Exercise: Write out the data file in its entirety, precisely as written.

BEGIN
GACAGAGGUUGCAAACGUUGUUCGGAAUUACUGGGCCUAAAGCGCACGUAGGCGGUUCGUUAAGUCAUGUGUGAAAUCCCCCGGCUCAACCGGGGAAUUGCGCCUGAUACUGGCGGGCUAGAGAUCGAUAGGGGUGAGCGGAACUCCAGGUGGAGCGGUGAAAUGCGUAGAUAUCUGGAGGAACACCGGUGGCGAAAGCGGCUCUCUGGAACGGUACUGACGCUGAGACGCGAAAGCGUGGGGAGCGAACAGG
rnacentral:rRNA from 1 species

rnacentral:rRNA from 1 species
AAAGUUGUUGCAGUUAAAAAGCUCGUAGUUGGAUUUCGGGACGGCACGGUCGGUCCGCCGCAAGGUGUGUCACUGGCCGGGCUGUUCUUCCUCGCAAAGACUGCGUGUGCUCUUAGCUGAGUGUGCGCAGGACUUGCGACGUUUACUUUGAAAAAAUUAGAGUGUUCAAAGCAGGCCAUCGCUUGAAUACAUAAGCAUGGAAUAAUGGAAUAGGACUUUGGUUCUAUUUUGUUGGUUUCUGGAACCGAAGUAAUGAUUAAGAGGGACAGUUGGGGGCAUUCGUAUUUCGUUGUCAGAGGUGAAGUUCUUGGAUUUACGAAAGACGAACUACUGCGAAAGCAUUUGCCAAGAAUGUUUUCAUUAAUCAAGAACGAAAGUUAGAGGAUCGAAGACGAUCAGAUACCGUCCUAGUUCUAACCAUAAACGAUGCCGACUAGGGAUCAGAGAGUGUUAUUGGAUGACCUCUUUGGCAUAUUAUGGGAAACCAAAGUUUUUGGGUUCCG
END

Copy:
GACAGAGGUUGCAAACGUUGUUCGGAAUUACUGGGCCUAAAGCGCACGUAGGCGGUUCGUUAAGUCAUGUGUGAAAUCCCCCGGCUCAACCGGGGAAUUGCGCCUGAUACUGGCGGGCUAGAGAUCGAUAGGGGUGAGCGGAACUCCAGGUGGAGCGGUGAAAUGCGUAGAUAUCUGGAGGAACACCGGUGGCGAAAGCGGCUCUCUGGAACGGUACUGACGCUGAGACGCGAAAGCGUGGGGAGCGAACAGG
rnacentral:rRNA from 1 species

rnacentral:rRNA from 1 species
AAAGUUGUUGCAGUUAAAAAGCUCGUAGUUGGAUUUCGGGACGGCACGGUCGGUCCGCCGCAAGGUGUGUCACUGGCCGGGCUGUUCUUCCUCGCAAAGACUGCGUGUGCUCUUAGCUGAGUGUGCGCAGGACUUGCGACGUUUACUUUGAAAAAAUUAGAGUGUUCAAAGCAGGCCAUCGCUUGAAUACAUAAGCAUGGAAUAAUGGAAUAGGACUUUGGUUCUAUUUUGUUGGUUUCUGGAACCGAAGUAAUGAUUAAGAGGGACAGUUGGGGGCAUUCGUAUUUCGUUGUCAGAGGUGAAGUUCUUGGAUUUACGAAAGACGAACUACUGCGAAAGCAUUUGCCAAGAAUGUUUUCAUUAAUCAAGAACGAAAGUUAGAGGAUCGAAGACGAUCAGAUACCGUCCUAGUUCUAACCAUAAACGAUGCCGACUAGGGAUCAGAGAGUGUUAUUGGAUGACCUCUUUGGCAUAUUAUGGGAAACCAAAGUUUUUGGGUUCCG